Window box on the deck

I live in Des Moines, Iowa and have a deck on the front of my house that i would like to put window boxes on. The problem is that it receives full sun from 11a.m. to 7p.m. in the summer (July and August)and the temperatures mainly stay at around 100 degrees. What plants would be best to put in the window box that will withstand the heat and sun yet still be colorful?
Submitted by BHGPhotoContest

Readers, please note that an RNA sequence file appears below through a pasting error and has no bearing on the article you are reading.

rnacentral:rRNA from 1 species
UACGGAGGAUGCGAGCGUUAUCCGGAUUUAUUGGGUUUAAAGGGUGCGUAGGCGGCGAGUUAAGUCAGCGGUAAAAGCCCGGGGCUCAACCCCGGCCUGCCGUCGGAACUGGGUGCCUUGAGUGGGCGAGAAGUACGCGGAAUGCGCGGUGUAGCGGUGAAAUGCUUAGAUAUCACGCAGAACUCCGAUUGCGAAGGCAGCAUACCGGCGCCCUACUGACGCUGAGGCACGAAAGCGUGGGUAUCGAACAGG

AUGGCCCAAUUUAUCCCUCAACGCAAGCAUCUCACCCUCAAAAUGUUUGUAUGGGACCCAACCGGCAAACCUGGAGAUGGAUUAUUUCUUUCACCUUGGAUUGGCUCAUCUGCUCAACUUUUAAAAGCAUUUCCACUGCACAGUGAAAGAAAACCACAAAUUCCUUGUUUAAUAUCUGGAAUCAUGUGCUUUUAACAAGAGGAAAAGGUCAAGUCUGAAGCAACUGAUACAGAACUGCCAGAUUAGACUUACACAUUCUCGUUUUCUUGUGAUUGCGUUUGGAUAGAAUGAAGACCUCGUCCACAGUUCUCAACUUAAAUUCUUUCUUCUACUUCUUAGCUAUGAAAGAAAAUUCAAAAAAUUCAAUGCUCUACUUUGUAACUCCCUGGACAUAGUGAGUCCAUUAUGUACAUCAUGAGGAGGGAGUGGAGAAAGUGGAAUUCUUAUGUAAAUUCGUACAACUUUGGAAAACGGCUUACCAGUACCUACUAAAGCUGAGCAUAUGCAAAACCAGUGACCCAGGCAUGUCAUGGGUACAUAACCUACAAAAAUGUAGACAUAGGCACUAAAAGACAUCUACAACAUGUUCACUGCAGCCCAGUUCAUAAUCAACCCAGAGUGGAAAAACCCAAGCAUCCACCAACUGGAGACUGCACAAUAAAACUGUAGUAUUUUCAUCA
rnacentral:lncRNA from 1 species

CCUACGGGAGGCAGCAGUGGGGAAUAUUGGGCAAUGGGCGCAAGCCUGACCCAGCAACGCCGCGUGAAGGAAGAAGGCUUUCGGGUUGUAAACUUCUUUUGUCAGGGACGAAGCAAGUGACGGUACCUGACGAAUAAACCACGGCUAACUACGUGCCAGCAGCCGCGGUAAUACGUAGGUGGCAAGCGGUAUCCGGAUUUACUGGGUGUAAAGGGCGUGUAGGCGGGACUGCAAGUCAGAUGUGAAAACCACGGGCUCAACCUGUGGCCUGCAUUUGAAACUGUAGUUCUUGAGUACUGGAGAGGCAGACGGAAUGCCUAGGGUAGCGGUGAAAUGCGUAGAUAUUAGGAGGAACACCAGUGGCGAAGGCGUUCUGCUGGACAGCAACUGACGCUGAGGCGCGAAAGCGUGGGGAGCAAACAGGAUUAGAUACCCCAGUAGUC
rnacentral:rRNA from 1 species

I've got a similar situation--I grow plants in window boxes in full sun on the top deck of my houseboat at Saylorville Lake, just a few miles north of Des Moines. I've experimented a lot. First, start with the biggest window boxes you can get. The length is up to you, but the wider and deeper the window box is, the more soil volume it will hold. Plants will do much better when they have plenty of room to root. I've had terrific success with succulent plants like Purslane and Portulaca (moss rose). I think Purslane is more beautiful and robust. I've also been impressed with the showiness and durability of ornamental sweet potato (Ipomoea) and Malabar Spinach. (I had to grow the spinach from seed, but it's easy and fast growing. It has bold burgundy stems and a look that may be too coarse for a small deck.) I grow purple heart plant (Setcreasea pallida 'Purple Heart') every year. It adds a lot of color and its pubescent leaves (fine hairs) help it hold up in hot, dry conditions. It's a vigorous grower and I end up pruning it back so that it doesn't overtake the window box. It does get brittle by late summer, so if it gets bumped, sometimes stems will fall off. Mine are always so full by then that they still look terrific regardless. Finally, I'll tout one last favorite--Nasturtium. Decades ago, I poked some Nasturtium seeds into a tiny pocket of soil surrounded by concrete on three sides and a garage wall on the fourth. It was a hot, miserable site with lousy soil. The Nasturtiums were FABULOUS. Their bluish-green saucer-shaped leaves catch droplets of rainfall and are every bit as eye-catching as the crinkly blooms. Nasturtiums don't transplant well, so you won't often find them as plants in garden centers. You've got to start them from seed right in the window boxes. But they're big seeds, easy to handle, fast growing, and outstanding.

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